Picture this. It's the first week of 1980. You have $100,000 that you decide to invest across 10 different companies to help meet your living expenses in 2012. One of those companies that catches your attention is a dominant pharmaceutical firm, Johnson & Johnson (JNJ). You decide to put 10% of your available funds into shares of Johnson & Johnson stock, acquiring $10,000 worth of the New Brunswick firm.
Now picture this: Every single one of your other investments for the rest of your life failed. Completely. Your other $90,000 went into blue chip firms that all went bankrupt, leaving you with nothing but your Johnson & Johnson stock. What would you have now, thirty-two years later?
Fueled by a dividend that grew every single year and some stock splits along the way, your 130 initial shares would have turned into 8,866 shares today. You could sell those 8,866 shares for $592,000. Or you could continue to maintain your ownership in the firm, perhaps using the $21,600 in annual dividend income to help meet your living expenses. And that all came from a single $10,000 investment 32 years ago, which is now paying out twice that amount nominally as dividend income each year.
This is why I don't wade into the survivorship bias argument about dividend growth stocks too often. I understand that if David Fish had compiled lists of dividend growth records in 1980, 1990, 2000, and so on-the lists back then would include companies that have fallen by the wayside. But I don't let that get me down because there are still plenty of companies that were dominant in the 1970s, 1980s, and 1990s that are still dominant today. Companies like Coke (KO), Pepsi (PEP), Exxon Mobil (XOM), and Kimberly Clark (KMB) could have easily substituted for Johnson & Johnson in my example and turned $10,000 investments into small fortunes over the course of the past 32 years.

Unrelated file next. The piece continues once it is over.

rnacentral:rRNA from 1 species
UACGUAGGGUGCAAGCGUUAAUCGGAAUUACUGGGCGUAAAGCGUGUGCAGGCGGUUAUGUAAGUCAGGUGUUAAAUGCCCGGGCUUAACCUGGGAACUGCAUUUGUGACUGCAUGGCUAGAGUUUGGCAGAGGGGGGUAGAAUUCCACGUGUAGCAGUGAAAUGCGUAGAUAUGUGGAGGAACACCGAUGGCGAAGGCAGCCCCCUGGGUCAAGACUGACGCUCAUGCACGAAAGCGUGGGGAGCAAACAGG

I find it reassuring that a successful dividend growth investing strategy does not require that every investment turn out right. If I can get in the habit of throwing $10,000 at Coke, $10,000 at Colgate-Palmolive (CL), or $10,000 at Conoco Phillips (COP) throughout my late 20s and 30s, I only need a small handful to turn out well by the time I am in my 50s and 60s to do well.
While it's unlikely that the Johnson & Johnson investor in my example would have held onto his shares if all of his other blue chip investments failed, I also hope it's unlikely that I experience a 90% total failure rate with investments. Hopefully, I'll find some success with the monitor component of buy-and-hold investing. But it's helpful to keep in mind that even if I do mess up along the way, it's not the end of the world.
The reason I can get past the survivorship bias arguments and the threat of failure with blue chip stocks is because the failure of some firms does not take away from successful track records. If you put $10,000 into Johnson & Johnson and General Motors (GM) in 1980, you'd still have $592,000 even though GM failed. And I find Johnson & Johnson's returns over the past 32 years to be quite exceptional given that J&J was a large-cap American company 32 years ago. Failure of blue chip firms can, and does, happen. If I'm a shareholder of such a firm, hopefully I'll monitor successfully and weed these companies out of the portfolio before they create a total loss.But the key is planting enough investment seeds along the way that have the opportunity to compound for twenty, twenty-five, thirty years so that all it takes is a few winners to help you meet your long-term investing goals. Given enough time, you may only need a small handful of winning investments to get the income stream or portfolio size that you desire.